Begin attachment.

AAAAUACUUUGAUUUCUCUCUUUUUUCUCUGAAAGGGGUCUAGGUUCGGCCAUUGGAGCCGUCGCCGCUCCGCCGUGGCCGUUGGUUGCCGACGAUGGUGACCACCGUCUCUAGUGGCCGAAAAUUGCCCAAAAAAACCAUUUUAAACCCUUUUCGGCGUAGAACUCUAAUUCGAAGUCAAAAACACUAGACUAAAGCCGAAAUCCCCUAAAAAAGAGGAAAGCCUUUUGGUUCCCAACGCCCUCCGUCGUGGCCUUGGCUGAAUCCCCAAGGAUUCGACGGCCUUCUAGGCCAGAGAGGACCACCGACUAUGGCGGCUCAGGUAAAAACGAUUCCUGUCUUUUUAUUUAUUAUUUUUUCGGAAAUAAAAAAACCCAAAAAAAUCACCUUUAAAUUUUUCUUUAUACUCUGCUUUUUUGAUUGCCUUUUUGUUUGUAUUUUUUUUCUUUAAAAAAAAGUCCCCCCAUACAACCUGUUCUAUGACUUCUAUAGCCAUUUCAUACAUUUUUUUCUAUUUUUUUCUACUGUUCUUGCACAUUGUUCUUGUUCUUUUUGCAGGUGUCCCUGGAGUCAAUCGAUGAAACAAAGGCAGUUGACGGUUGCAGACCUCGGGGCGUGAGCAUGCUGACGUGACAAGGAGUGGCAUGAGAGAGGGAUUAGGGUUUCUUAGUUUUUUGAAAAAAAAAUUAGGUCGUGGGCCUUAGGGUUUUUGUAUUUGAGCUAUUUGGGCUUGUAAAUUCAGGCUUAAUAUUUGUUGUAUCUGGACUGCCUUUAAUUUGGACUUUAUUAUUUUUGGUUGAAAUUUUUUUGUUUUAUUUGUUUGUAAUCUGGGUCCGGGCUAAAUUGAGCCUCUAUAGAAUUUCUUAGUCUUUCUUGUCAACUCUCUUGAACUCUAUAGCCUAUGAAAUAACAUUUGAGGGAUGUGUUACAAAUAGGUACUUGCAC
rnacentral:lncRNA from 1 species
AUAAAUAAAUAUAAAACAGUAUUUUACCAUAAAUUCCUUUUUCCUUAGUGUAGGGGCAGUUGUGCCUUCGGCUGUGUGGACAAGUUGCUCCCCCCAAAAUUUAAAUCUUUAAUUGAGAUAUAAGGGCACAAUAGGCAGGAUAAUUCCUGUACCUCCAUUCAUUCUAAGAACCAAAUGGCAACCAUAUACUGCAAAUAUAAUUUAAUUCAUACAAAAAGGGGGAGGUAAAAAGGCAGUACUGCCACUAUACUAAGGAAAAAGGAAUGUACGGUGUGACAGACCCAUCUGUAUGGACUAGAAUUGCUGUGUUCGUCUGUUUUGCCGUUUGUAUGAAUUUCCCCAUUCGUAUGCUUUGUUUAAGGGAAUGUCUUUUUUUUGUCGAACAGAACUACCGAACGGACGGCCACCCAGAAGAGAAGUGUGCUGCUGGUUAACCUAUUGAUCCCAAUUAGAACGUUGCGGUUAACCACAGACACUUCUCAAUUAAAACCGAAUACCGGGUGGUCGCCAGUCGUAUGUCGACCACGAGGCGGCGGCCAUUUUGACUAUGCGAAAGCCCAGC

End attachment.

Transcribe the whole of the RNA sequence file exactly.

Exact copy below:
AAAAUACUUUGAUUUCUCUCUUUUUUCUCUGAAAGGGGUCUAGGUUCGGCCAUUGGAGCCGUCGCCGCUCCGCCGUGGCCGUUGGUUGCCGACGAUGGUGACCACCGUCUCUAGUGGCCGAAAAUUGCCCAAAAAAACCAUUUUAAACCCUUUUCGGCGUAGAACUCUAAUUCGAAGUCAAAAACACUAGACUAAAGCCGAAAUCCCCUAAAAAAGAGGAAAGCCUUUUGGUUCCCAACGCCCUCCGUCGUGGCCUUGGCUGAAUCCCCAAGGAUUCGACGGCCUUCUAGGCCAGAGAGGACCACCGACUAUGGCGGCUCAGGUAAAAACGAUUCCUGUCUUUUUAUUUAUUAUUUUUUCGGAAAUAAAAAAACCCAAAAAAAUCACCUUUAAAUUUUUCUUUAUACUCUGCUUUUUUGAUUGCCUUUUUGUUUGUAUUUUUUUUCUUUAAAAAAAAGUCCCCCCAUACAACCUGUUCUAUGACUUCUAUAGCCAUUUCAUACAUUUUUUUCUAUUUUUUUCUACUGUUCUUGCACAUUGUUCUUGUUCUUUUUGCAGGUGUCCCUGGAGUCAAUCGAUGAAACAAAGGCAGUUGACGGUUGCAGACCUCGGGGCGUGAGCAUGCUGACGUGACAAGGAGUGGCAUGAGAGAGGGAUUAGGGUUUCUUAGUUUUUUGAAAAAAAAAUUAGGUCGUGGGCCUUAGGGUUUUUGUAUUUGAGCUAUUUGGGCUUGUAAAUUCAGGCUUAAUAUUUGUUGUAUCUGGACUGCCUUUAAUUUGGACUUUAUUAUUUUUGGUUGAAAUUUUUUUGUUUUAUUUGUUUGUAAUCUGGGUCCGGGCUAAAUUGAGCCUCUAUAGAAUUUCUUAGUCUUUCUUGUCAACUCUCUUGAACUCUAUAGCCUAUGAAAUAACAUUUGAGGGAUGUGUUACAAAUAGGUACUUGCAC
rnacentral:lncRNA from 1 species
AUAAAUAAAUAUAAAACAGUAUUUUACCAUAAAUUCCUUUUUCCUUAGUGUAGGGGCAGUUGUGCCUUCGGCUGUGUGGACAAGUUGCUCCCCCCAAAAUUUAAAUCUUUAAUUGAGAUAUAAGGGCACAAUAGGCAGGAUAAUUCCUGUACCUCCAUUCAUUCUAAGAACCAAAUGGCAACCAUAUACUGCAAAUAUAAUUUAAUUCAUACAAAAAGGGGGAGGUAAAAAGGCAGUACUGCCACUAUACUAAGGAAAAAGGAAUGUACGGUGUGACAGACCCAUCUGUAUGGACUAGAAUUGCUGUGUUCGUCUGUUUUGCCGUUUGUAUGAAUUUCCCCAUUCGUAUGCUUUGUUUAAGGGAAUGUCUUUUUUUUGUCGAACAGAACUACCGAACGGACGGCCACCCAGAAGAGAAGUGUGCUGCUGGUUAACCUAUUGAUCCCAAUUAGAACGUUGCGGUUAACCACAGACACUUCUCAAUUAAAACCGAAUACCGGGUGGUCGCCAGUCGUAUGUCGACCACGAGGCGGCGGCCAUUUUGACUAUGCGAAAGCCCAGC